TWiP v3 white 275

Subscribe to TWiP

sub-itunes sub-android sub-stitcher sub-email sub-rss


About Vincent



Wednesday, 07 March 2018 17:41

Weep and sweep - TWiP 148

Written by 
Published in TWiP

The TWiP-tologists solve the case of the South American Child With Belly Pain, and reveal how B1 cell IgE blocks parasite clearance by inhibiting mast cell activation by B2 cell IgE.

Hosts: Vincent Racaniello, Dickson Despommier, and Daniel Griffinb1 cell

Subscribe (free): iTunesRSSemail

Become a patron of TWiP.

Links for this episode:

Case Study for TWiP 148

Will have a guest on next show to unveil! Female teenager living in NYC, previously in good health, rash for 2 week, abnormal feeling in legs. Initially had URT infection, no cough or fever. Rash is itchy, worse at night. But feeling of pins and needles, sharp stabbing in feet and legs. In ER told is zoster, started on gabapentin. Few days later fevers, pain getting worse. Seen by neurologist and ID doc, admitted. No past med/surg. Type 1 diabetes in aunt, father migraines, no autoimmune diseases. Had received chickenpox vaccine! Social: lives with parents and younger brother, much travel, Holland, Hawaii, most recent, pet lizard. In Hawaii, salad that she ate but no one else. Physical: febrile, heart rate >110, bp ok. Does not want to move because of pain. Neurological: extremity movement is slow. Rash irregular on chest, neck, back, abdomen. Labs: white normal, not much shift. Sed: 24, slightly increased. Lumbar puncture: increased white cells 280, 32% eosinophils.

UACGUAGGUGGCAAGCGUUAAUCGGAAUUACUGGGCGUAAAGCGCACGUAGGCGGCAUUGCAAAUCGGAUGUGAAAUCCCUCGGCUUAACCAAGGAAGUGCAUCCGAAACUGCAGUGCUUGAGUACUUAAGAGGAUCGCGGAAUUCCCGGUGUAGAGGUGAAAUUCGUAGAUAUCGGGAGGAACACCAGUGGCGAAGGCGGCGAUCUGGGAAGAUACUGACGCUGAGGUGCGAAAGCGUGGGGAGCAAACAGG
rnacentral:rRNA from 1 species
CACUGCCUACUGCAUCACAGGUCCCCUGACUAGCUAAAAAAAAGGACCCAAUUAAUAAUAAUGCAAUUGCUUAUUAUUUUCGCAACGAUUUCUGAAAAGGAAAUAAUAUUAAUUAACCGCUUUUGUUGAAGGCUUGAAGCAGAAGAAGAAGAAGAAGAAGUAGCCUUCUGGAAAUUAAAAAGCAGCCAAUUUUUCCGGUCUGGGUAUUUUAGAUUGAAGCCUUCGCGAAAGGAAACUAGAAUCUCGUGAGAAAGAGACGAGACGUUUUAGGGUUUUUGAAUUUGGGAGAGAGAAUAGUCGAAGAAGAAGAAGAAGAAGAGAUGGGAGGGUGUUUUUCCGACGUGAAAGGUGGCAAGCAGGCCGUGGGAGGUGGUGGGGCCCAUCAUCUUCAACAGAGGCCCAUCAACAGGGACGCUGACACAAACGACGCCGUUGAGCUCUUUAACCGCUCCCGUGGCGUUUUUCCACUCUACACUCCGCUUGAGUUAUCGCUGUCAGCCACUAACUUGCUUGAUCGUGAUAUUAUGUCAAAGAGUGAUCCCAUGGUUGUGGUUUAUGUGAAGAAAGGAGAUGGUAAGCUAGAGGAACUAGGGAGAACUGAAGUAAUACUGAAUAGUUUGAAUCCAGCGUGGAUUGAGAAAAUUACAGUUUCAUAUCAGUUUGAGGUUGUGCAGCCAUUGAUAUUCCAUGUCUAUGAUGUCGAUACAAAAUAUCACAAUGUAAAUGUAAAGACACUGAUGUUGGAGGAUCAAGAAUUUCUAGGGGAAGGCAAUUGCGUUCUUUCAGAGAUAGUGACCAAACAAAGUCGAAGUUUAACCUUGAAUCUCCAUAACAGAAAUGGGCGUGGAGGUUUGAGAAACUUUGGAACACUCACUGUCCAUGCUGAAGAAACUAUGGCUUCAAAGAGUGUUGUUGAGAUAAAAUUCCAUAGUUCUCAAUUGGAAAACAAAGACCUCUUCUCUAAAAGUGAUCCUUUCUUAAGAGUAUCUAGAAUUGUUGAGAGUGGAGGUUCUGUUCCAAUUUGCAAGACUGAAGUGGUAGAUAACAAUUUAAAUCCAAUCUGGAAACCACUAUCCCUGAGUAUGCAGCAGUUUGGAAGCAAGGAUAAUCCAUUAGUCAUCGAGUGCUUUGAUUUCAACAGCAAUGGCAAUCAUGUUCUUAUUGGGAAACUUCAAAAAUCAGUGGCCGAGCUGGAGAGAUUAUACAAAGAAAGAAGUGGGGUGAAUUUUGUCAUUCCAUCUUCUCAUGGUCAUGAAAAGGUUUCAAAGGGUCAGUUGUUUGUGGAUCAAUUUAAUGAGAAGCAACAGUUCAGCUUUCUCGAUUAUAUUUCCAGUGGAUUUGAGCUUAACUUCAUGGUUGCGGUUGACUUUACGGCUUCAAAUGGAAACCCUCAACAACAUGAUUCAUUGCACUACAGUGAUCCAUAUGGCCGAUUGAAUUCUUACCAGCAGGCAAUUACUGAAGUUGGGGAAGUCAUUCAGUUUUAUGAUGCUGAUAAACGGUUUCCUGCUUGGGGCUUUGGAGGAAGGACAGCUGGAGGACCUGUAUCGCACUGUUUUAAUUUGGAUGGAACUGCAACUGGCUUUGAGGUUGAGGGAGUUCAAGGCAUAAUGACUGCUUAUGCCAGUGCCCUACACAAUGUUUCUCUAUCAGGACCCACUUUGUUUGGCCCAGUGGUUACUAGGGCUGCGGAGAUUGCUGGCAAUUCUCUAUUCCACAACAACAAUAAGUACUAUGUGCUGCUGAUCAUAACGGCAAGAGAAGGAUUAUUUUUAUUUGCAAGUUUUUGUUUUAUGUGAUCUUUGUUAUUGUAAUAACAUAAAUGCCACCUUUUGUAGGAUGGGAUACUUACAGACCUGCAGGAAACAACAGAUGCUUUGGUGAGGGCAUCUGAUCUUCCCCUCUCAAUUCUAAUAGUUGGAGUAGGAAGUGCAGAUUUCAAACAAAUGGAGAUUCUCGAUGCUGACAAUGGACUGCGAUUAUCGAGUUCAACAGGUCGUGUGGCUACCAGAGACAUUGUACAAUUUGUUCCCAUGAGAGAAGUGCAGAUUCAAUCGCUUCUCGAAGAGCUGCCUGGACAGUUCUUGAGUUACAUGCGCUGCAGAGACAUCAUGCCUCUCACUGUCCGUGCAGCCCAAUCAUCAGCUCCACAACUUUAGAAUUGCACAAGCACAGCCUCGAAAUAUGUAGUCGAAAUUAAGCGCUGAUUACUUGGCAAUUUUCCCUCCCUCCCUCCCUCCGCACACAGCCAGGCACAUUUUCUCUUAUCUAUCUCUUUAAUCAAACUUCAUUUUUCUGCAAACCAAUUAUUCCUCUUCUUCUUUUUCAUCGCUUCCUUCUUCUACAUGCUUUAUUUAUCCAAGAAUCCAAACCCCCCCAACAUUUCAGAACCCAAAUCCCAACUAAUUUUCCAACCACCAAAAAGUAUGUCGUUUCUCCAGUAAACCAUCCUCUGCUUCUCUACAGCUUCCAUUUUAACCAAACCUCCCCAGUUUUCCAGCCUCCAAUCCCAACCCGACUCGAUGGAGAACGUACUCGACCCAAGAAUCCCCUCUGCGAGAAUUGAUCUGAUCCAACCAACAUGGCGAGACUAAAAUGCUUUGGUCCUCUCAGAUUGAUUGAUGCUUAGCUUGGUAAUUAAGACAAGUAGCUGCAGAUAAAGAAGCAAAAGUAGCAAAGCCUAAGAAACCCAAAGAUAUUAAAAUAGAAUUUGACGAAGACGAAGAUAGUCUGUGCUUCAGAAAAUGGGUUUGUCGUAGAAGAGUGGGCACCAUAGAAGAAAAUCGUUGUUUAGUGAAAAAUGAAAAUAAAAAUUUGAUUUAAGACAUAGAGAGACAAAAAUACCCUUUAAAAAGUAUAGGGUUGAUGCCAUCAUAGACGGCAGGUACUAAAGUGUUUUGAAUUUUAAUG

Send your case diagnosis, questions and comments to

Music by Ronald Jenkees


Last modified on Monday, 19 March 2018 17:48
Vincent Racaniello

Vincent Racaniello, Ph.D. is Professor of Microbiology at Columbia University Medical Center. As principal investigator of his laboratory, he oversees the research that is carried out by Ph.D. students and postdoctoral fellows. He also teaches virology to graduate students, as well as medical, dental, and nursing students.

Vincent entered the world of social media in 2004 with virology blog, followed by This Week in Virology. Videocasts of lectures from his undergraduate virology course are on iTunes University and virology blog. You can find him on WikipediaTwitter, Facebook, and Instagram. His goal is to be Earth’s virology professor. In recognition of his contribution to microbiology education, he was awarded the Peter Wildy Prize for Microbiology Education by the Society for General Microbiology. His Wildy Lecture provides an overview of how he uses social media for science communication.